The African Union is open to proposals for sanctions on a Burundi Hutu rebel group suspected of involvement in last week's massacre of more than 150 Tutsis in Burundi.
At a summit held in Tanzania's capital, Dar es Salaam, heads of state and representatives from nine African countries urged the African Union and the U.N. Security Council to classify the Hutu rebel group Forces for National Liberation as a "terrorist organization," and to impose travel restrictions and other sanctions on the group.
The acting deputy head of the African Union's Conflict Management Center, El Ghassim Wane, said that the African Union supports the idea of taking punitive measures against the Forces for National Liberation.
"We were part of the meeting that took place yesterday," he said. "We had our special representative there. The African Union has already supported the call to impose restrictions on the Forces for National Liberation."
But the AU representative in Burundi, Mamadou Bah, cautions it is too early for the 53-member African body to say whether it would classify the Hutu rebel group as a terrorist organization, or what punitive measures the African Union would endorse.
He said the issue must be decided at a later date by the AU Peace and Security Council.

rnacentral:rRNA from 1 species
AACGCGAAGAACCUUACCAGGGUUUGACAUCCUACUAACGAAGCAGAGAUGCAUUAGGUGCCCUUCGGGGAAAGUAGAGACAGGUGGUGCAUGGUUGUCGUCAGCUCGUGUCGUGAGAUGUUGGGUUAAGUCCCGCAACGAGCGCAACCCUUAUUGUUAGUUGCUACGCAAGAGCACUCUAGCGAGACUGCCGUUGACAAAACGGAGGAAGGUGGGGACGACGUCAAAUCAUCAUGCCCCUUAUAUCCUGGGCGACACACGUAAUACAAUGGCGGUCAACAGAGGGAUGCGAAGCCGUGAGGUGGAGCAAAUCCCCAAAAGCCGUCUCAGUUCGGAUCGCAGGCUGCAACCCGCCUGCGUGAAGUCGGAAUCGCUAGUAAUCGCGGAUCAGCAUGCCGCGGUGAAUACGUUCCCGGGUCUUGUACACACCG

The summit in Dar es Salaam also focused on an agreement for a new government to end Burundi's 11-year-old civil war.
The regional leaders endorsed a power-sharing plan drafted earlier this month that would see power divided equally between ethnic Hutus and Tutsis in the senate. In the national assembly, Hutus would get 60 percent of the seats and the minority Tutsis would get 40.
The summit called for an independent electoral commission to be put into place by August 29, and for the Burundi National Assembly to complete the country's draft constitution.
Elections are scheduled for October. But the date may have to be changed. Earlier this month, 10 Tutsi political parties in Burundi rejected the power-sharing plan, saying it gives too much power to Hutus.